Guzzling Gravy At Poutine Fest
By Erika Kubick in Food on Feb 25, 2014 8:15PM
Americans may be holding an Olympic grudge against our neighbors to the north, but that didn't stop Chicago from fully embracing one of Canada’s greatest gifts, poutine. It’s only natural that a city that stuffs their pizza would hold an event devoted to French fries topped with gravy and cheese curds. Last Sunday, we put aside our resentment and defeated dreams for the day and headed off to the second annual Poutine Fest at Haymarket Pub & Brewery.
Grease-lovers from all around town crammed into the pub to sample poutine from each of the ten participating restaurants and vote for their favorite. By the way, a “sample” meant a paper boat the size of your face overflowing with poutine. In addition to the coma-inducing amount of food, each guest enjoyed two drink tickets for Haymarket drafts and a Poutine Fest tote, while VIP members also enjoyed an extra ticket, a pint glass and an hour of early admission. It didn’t even take the full three hours before everyone was sloshed with both gravy and booze.
The panel of judges, who crowned the top three most exemplary poutine, included a scope of poutine aficionados: Joe Campagna, a former chef and food writer for ChicagoNow; John Shafer, the General Manager of Next Restaurant; and Alexis Roy, a Canadian Diplomat from the Canadian Consulate General of Chicago. While everyone clearly brought their A-game, a couple gravy boats truly stood out from the rest.
The judges awarded first place to The Gage, securing their two-year winning streak. Their fries were sautéed with Wisconsin cheese curds, duck confit, pickled red onion and smoke box gravy. Newcomer The Big Cheese came in second with a pierogi poutine with bacon, caramelized onion, cheese curds, sour cream and gravy. They also showcased the classic Canadian method: rather than heating the fries with the other ingredients in a pan, their classic method involves French fries, ideally fresh out of the fryer, a topping of cheese curds and a smothering of hot gravy. Once all three ingredients come together, the poutine becomes a gloriously greasy, melty mishmash of belly-bulging joy. Unfortunately, since the fries were hanging out in a tin foil tray instead of fresh from the fryer, the cheese never really melted. Still, the homemade pierogi on top was enough to secure silver.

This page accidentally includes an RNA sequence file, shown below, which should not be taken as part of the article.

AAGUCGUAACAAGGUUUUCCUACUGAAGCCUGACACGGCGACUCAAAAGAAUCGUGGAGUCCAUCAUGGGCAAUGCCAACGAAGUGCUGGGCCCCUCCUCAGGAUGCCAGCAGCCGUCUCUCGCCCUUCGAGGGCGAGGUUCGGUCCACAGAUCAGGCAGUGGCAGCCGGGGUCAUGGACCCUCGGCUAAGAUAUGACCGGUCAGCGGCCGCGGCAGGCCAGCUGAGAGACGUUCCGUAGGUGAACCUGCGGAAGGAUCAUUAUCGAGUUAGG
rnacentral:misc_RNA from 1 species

The highlights of the fest were the more imaginative takes on the Canadian classic. The Brixton, the judge's third pick, brought a poutine inspired by biscuits and gravy: French fries topped with cheese curds, the world’s cutest mini biscuits, house made hot sauce, and sausage gravy. The fan favorite's award went to Le Bouchon, whose escargot gravy was definitely the most unique in the house.
If you want to clog an artery or two while having a fantastic time, then keep Poutine Fest on your radar for next February. While it’s one of the most indulgent foodie festivals, all ticket sales go to charity so you are actually serving your city by eating gobs of poutine. This year, all ticket sales benefited Growing Home, Chicago’s own certified organic urban farm that provides people with jobs and training in agriculture.